OKLAHOMA CITY – Governor Mary Fallin signed the $6.8 billion budget bill, Senate Bill 860, into law Wednesday.
Oklahoma is currently facing a nearly $900 million shortfall in the state’s budget.
SB 860 shows that 51 agencies will have some type of cut, 16 will see appropriations increase, and one will see no funding change for the fiscal year 2017 to fiscal year 2018.
The Department of Education is expected to see a one percent increase in funding while other education agencies will decrease between 3.42 to 4.87 percent.
The 2018 fiscal year appropriated budget will be $6,830,177,825, making it $37,782,641 less than the revised fiscal year 2017 appropriated budget that includes supplementals and revenue failure.
“Developing a budget in this difficult fiscal and political climate is never easy,” said Fallin. “This plan keeps our government from shutting down and, despite challenging circumstances, funds our core mission services. We worked hard to protect key core services – common education, health and human services and public safety. This budget minimizes cuts and puts some recurring revenue on the table. It repeals certain exemptions in the sales tax code.
Adding a $1.50 fee on cigarette packs was part of the budget bill.
“As this year’s session ends, I’m pleased that legislators approved a fee on cigarettes. Smoking is Oklahoma’s leading cause of preventable death. Lawmakers approving an additional $1.50 per pack is the most important thing they could do to improve Oklahoma’s health ranking,” Fallin said.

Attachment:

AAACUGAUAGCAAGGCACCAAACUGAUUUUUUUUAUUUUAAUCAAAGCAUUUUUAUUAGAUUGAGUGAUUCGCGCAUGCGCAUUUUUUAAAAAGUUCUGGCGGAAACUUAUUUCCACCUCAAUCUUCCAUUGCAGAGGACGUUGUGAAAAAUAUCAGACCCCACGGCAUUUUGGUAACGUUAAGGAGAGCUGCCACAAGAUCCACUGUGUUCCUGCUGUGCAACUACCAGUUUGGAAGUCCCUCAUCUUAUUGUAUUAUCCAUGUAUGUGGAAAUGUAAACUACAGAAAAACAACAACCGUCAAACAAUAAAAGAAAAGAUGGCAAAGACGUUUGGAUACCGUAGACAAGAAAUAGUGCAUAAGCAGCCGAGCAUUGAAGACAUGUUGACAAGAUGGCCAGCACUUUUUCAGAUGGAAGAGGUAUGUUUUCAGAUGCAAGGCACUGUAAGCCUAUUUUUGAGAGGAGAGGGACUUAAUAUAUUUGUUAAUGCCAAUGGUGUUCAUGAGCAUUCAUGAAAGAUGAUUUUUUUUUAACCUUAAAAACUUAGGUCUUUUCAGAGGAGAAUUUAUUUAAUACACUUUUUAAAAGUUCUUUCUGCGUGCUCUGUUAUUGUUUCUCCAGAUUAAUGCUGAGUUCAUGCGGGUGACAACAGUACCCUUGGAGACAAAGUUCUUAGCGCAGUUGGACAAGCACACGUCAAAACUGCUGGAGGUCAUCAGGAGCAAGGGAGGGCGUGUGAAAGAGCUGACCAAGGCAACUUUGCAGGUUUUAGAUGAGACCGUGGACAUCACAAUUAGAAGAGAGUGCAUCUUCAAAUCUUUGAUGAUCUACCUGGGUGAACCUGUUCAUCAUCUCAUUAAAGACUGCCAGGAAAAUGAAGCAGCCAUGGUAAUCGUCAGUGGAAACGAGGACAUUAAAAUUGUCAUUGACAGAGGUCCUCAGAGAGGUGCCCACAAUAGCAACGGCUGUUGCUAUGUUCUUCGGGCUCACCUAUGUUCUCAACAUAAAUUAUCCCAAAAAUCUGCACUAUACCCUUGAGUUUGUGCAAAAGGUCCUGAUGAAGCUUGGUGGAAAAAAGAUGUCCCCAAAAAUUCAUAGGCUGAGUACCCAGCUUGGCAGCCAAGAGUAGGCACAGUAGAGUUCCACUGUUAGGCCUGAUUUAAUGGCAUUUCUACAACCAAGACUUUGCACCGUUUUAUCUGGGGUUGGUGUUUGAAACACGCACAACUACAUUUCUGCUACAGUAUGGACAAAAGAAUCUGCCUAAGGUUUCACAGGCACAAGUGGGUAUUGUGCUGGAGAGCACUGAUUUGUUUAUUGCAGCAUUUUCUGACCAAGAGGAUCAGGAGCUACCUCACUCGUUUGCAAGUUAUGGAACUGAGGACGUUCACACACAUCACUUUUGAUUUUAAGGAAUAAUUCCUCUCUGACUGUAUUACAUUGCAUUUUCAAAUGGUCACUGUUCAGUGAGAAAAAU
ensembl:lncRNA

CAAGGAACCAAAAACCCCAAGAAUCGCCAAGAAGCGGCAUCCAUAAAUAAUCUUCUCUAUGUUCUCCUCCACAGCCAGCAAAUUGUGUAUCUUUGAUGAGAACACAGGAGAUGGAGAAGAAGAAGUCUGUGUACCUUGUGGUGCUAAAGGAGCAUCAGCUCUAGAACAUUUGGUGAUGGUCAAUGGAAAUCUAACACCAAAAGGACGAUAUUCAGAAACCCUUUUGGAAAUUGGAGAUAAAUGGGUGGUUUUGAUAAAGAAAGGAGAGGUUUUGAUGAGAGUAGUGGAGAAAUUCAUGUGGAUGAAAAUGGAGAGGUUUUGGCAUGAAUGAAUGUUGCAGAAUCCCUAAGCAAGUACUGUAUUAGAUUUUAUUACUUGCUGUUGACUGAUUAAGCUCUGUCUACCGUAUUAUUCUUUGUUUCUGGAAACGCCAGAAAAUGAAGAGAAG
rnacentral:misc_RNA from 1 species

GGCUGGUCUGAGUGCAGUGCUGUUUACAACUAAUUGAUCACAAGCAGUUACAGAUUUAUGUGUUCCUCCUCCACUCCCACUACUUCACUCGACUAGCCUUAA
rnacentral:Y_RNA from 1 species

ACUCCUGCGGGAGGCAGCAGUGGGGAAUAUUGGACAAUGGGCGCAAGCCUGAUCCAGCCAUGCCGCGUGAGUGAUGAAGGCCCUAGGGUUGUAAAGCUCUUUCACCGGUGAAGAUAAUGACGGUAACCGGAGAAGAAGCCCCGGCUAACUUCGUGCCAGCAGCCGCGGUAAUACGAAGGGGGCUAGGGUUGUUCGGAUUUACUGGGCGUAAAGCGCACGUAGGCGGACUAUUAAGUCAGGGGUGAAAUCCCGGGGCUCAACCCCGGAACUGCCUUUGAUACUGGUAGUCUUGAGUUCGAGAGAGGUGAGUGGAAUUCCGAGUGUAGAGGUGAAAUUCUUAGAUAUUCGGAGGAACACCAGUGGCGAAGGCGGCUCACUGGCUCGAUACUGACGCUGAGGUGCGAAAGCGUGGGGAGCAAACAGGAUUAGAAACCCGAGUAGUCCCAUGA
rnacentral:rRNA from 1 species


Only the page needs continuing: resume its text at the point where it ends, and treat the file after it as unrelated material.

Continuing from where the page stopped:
Lawmakers spent the last several days of the legislative session pushing through bills that would bring in revenue, but many are saying that is unconstitutional.
The Oklahoma Constitution states “no revenue bill should be passed during the five last days of session.” It also adds, no revenue bill can become law without a vote of the people or a three-fourths vote.
If the court finds the bills to be unconstitutional, lawmakers will have to find another way to raise the money to fill the budget hole, meaning a special session could take place.
A special session would cost $30,000 per day.
“If the legislators say I don’t want to come back into special session, I tried to get them back in this past fall for teacher pay raise and they told me no, I don’t want to come back in. So if they tell me they don’t want to come back in, we’ll just have to have automatic cuts, it’ll be across the board by the way,” said Governor Fallin.